The system the IRS uses for electronic filing crashed Tuesday morning, hours before the filing deadline.

In a statement that didn’t specify the extent or cause of the outage, the Internal Revenue Service said taxpayers should continue filing returns as usual. The agency is having difficulty receiving returns from tax preparers, including large companies such as TurboTax maker Intuit Inc. and H&R Block Inc., acting IRS commissioner David Kautter told House subcommittees on Tuesday. […]

TurboTax is still receiving returns and will hold them until the IRS is ready to accept them again, said Ashley McMahon, a company spokeswoman. […]

The IRS has long operated aging computer systems, and the agency’s leaders have been pressing for updates.

“It is important to point out that the IRS is the world’s largest financial accounting institution, and that is a tremendously risky operation to run with outdated equipment and applications,” then-commissioner John Koskinen told Congress in 2015. “Our situation is analogous to driving a Model T automobile that has satellite radio and the latest GPS system. Even with all the bells and whistles, it is still a Model T.”

That has remain unchanged in the past three years. Congress has been slashing funding for the IRS since Republicans took the House in 2010, forcing big staff reductions there and making it harder and harder for the agency to upgrade and maintain its systems. In inflation-adjusted dollars, the IRS has been cut 22 percent and has lost about a quarter of its enforcement staff, about 14,000 employees. The omnibus spending bill that passed last month did include a $320 million increase for the IRS for the next two years, but that’s dedicated to implementing the new tax law. It also cut “all other IRS funding by $124 million, leaving overall IRS funding a full $2.5 billion—18 percent—below the 2010 level, adjusted for inflation.”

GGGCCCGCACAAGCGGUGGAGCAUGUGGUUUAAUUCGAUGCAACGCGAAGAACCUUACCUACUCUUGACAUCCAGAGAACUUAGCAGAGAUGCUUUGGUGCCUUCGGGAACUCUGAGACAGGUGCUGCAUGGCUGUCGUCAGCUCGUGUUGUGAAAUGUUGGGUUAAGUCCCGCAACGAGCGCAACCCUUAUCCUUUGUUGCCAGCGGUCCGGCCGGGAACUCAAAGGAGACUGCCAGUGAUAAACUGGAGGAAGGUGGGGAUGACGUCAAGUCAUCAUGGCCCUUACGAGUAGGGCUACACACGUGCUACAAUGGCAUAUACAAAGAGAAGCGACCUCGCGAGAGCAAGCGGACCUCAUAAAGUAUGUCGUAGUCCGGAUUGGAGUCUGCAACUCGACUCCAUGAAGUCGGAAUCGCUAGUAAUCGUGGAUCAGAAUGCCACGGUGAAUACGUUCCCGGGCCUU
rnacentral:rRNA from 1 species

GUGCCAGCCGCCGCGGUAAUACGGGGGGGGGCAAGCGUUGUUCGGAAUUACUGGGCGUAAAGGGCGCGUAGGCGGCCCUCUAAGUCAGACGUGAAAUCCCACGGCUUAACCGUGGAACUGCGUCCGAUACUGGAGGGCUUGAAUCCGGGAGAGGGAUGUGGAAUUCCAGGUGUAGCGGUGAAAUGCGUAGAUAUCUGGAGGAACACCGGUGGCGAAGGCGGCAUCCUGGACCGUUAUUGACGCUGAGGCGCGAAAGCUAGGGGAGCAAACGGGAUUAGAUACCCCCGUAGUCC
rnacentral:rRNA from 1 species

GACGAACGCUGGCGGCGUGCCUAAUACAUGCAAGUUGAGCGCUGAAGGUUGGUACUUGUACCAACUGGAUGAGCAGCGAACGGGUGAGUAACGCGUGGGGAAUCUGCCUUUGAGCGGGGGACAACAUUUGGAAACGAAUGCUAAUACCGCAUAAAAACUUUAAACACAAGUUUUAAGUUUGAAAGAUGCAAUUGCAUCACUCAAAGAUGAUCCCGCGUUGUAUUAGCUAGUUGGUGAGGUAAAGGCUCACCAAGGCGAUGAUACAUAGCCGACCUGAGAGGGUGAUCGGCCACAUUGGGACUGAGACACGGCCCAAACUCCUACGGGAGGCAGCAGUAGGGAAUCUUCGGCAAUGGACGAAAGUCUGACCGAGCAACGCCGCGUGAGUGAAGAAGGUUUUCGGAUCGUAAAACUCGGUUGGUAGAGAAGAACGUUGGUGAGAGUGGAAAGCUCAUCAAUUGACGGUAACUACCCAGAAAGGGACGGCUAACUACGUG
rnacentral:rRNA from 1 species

So if you aren’t able to electronically file your taxes today, thank your nearest Republican congressperson. They did that.